The Great Repeal Bill hands government huge power. That’s why it should worry you

In a democracy, it is for a government to justify any extension to its powers


The premise is relatively simple. You can’t repeal 14 per cent of a society’s laws at once without causing chaos.

There isn’t time to sort through every law that originated in the EU before Brexit day, so the GRB will transfer the entire body of EU law (acquis communitaire) into domestic law.

Parliament will have plenty time to consider whether repeal each law in due course. The problem is, it can’t be done. The Bill’s apparent simplicity obscures the labyrinthine complexity at the heart of the issue.

We don’t know what EU law will be transferred, we don’t know what class of domestic law it will be transferred into, and we don’t know who will take these decisions, how they will be made, or how they will be held accountable.

The government’s promised White Paper may resolve some of these issues. It must, however, be specific and thorough in addressing the complexities of the issue. The White Paper that proceeded parliament’s consent for the Article 50 notice was composed almost entirely of generalities.

It neglected fundamental issues, such as whether the notice was unilaterally revocable. As a result, parliament voted to trigger Article 50 without knowing the legal significance of that action.

It isn’t possible to transfer the entire acquis into UK law. Some laws empower EU institutions to make decisions for the UK, some involve reciprocal benefits with other member states (which will no longer be reciprocated after Brexit).

Others give individuals rights at EU level (such as the right to vote for the European Parliament), or provide for the constitutional structure of the EU itself. It would be, at best, absurd and, at worst, damaging, to transfer these norms into UK law.

David Davis clarified that the acquis will only be transferred ‘wherever practical’. But who will decide which laws it is ‘practical’ to transfer? If it’s parliament then the process will take a long time.

If it is ministers or civil servants, then the GRB will empower the executive to dispense up to 14 per cent of the laws currently in effect in the UK as it sees fit. This means protections for the environment, employment rights, and free movement (to name but a few) will be vulnerable to repeal without vote in parliament.

The GRB must, therefore, include mechanisms of accountability to ensure that ministers can’t trade away important rights in the name of ‘practicality’.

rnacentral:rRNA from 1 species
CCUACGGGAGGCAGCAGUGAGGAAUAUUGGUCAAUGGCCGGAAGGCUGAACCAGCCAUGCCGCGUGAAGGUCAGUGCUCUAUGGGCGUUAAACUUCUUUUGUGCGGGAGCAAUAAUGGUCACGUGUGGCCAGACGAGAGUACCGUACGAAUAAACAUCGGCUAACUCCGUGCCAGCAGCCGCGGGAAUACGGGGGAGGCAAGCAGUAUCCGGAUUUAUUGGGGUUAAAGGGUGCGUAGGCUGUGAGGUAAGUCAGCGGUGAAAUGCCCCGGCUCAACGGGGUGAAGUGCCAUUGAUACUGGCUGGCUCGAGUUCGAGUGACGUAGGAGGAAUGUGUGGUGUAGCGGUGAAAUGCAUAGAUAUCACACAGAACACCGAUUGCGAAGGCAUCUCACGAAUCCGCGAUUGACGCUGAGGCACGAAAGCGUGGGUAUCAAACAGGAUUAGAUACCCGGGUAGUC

Unless the Bill contains a clear definition of what is meant by ‘practicality’, identifies who will make that decision, how they will be empowered, and how those powers will be accountable, parliament could find itself side-lined as a meaningful decision-making body.

The issue of ‘Henry VIII powers’ is particularly concerning. These allow ministers to overturn primary legislation without a vote in Parliament. Primary legislation is made with a vote in parliament and, normally, cannot be repealed without another vote.

Ministers claim that Henry VIII powers are necessary to alter legislation that is ‘hooked’ to EU institutions. Yet most of these ‘hooks’ are found in secondary legislation (which can be repealed without a vote in Parliament). It’s not clear why Henry VIII powers are necessary.

Even if some ‘hooks’ are contained in primary legislation, these can be removed with a tightly focused power. A broadly drafted Henry VIII power could empower the government to repeal statutes that give effect to EU norms, such as the Equalities Act 2010 or the Consumer Protection Act 1991.

In a democracy, it is for a government to justify any extension to its powers, not for sceptics to justify their opposition. The government has not made a sufficient case to justify a power with such a potentially devastating impact on individual rights.

Even without a Henry VIII clause, the GRB could grant a worrying degree of unaccountable power. If the acquis is transferred into secondary legislation, rather than primary legislation, the government will be able to repeal laws without a vote in parliament.

Transferring the bulk of the acquis into primary legislation will mean that each law can be carefully considered by parliament. This could last up to ten years, or longer. Yet, as we are reminded with almost metronomic regularity, that is what people voted for.

We were told Brexit would cause economic pain. We were told it would take a long time. We were told it would be incredibly complex. We voted for it anyway.

David Davis campaigned on ‘taking back power’ for parliament. He mustn’t now avoid parliamentary scrutiny by legislating to keep all that power for himself.

A fully referenced expansion of these arguments can be found in my full report on the Great Repeal Bill for Another Europe is Possible, and in my Global Justice Now article ‘The Great Repeal Bill: Addressing Unaccountable Power’.

Sam Fowles is a researcher at the Centre for Commercial Law Studies, Queen Mary University of London. He tweets at @SamFowles

See: Here are the bold promises Brexiteers made to the British people. How many will be broken?

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